With experiments like this, it became obvious that the key to improving health care and holding down prices is to get consumers involved in decisions regarding their own care. One of the ways employers are attempting to connect employees with decision-making is through defined contribution health insurance. The employer "defines" their contributions while employees choose among the types of policies they purchase. An employee wanting a richer benefit package might have to contribute additional money out-of-pocket to cover the cost. On the other hand, employees choosing less expensive (high-deductible) health plans might have funds left over to deposit into a personal health account, such as a health savings account (HSA). This works because high deductible policies are less expensive than policies offering first-dollar coverage. The funds placed in an HSA would be controlled by the employee, and would be used to pay for incidental health care needs up to the health insurance policy deductible. Employees would also have the ability to contribute additional funds into the HSA tax free to shore up these accounts. Balances not used could be invested in fund of the enrollee's choosing.
Data is just emerging on how well these plans have performed. A study published by the National Center for Policy Analysis on Medical Savings Accounts (MSA) in South Africa found that for those enrolled in MSA plans' discretionary spending (primarily outpatient spending) was 47 percent lower. Individuals with an MSA were also much more likely to purchase a generic equivalent rather than a name-brand drug. By contrast, prescription drug spending by members increased 7.1 percent, and the number of prescriptions filled per month grew by 19.1 percent after the patient reached their policy's deductible and were essentially spending insurance company funds. Once patients were spending insurance company funds use of the more expensive branded drugs jumped 45 percent.
Closer to home, a survey by Aetna of 14,000 members with Health Reimbursement Accounts (HRA) found that members in their HRA (called HealthFund) performed very well compared to a match set of non-HRA enrollees.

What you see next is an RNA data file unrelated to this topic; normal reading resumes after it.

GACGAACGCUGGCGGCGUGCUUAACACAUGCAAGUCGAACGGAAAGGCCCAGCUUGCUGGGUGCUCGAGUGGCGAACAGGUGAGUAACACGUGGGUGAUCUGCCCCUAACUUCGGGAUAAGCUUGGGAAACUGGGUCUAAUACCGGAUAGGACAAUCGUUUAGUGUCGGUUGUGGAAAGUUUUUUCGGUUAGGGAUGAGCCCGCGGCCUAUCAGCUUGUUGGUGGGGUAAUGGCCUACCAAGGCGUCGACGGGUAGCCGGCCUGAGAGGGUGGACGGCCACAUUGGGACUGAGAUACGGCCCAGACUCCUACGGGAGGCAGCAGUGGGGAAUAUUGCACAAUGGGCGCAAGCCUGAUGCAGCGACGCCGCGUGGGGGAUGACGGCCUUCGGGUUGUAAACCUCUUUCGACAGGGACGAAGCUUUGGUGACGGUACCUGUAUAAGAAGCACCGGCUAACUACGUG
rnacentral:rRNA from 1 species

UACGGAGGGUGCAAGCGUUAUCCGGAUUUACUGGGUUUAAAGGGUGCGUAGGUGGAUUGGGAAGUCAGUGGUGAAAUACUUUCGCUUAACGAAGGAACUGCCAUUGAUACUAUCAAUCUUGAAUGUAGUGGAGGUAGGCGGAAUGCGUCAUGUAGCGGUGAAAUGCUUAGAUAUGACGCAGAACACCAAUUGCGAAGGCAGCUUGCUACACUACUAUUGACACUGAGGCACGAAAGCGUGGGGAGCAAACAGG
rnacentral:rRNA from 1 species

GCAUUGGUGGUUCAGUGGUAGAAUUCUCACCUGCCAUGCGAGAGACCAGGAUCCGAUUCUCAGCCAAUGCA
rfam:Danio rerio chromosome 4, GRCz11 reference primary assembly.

HealthFund members only experienced a 1.5 percent increase in medical costs compared to almost 16 percent in populations with similar demographics, and more than 14 percent for Aetna's PPO plans.
HealthFund members decreased the number of overall prescriptions by 6.5 percent and increase the proportion of generic medications they used by almost 13 percent which drove down pharmacy costs driven by an 11 percent.
Half of members had funds left over at the end of the year to roll over into the next calendar year - averaging 31 percent of their funds.
An additional benefit is those enrolled in HSAs tended to participate in more preventative care than a control group. This is probably because any savings accrued from prevention is captured by the enrollee. Traditional health insurers are reluctant to invest in preventative care since benefits might be realized years later - often by another company.
Some of the critics of personal health accounts often argue that they will experience favorable selection by appealing only to the "young healthy" and "wealthy" - leaving the poor and sick in traditional risk pools. However, preliminary data from Aetna (and others) have shown that the age distribution of those enrolling in their plans is similar to a bell-shaped curve. In fact, the average age of HealthFund enrollees was slightly older than other plans, not lower as critics might suggest. Overall, about two-thirds of HealthFund enrollees were between the ages of 35 and 55.
These plans also experienced a very high degree of customer satisfaction. Ninety percent of those enrolled in the plans reportedly were satisfied with their choice and were likely to renew for the following year.
In conclusion, giving employees more choice and control over their health care makes good sense. It leads to lower costs and more control over the kinds of care they prefer.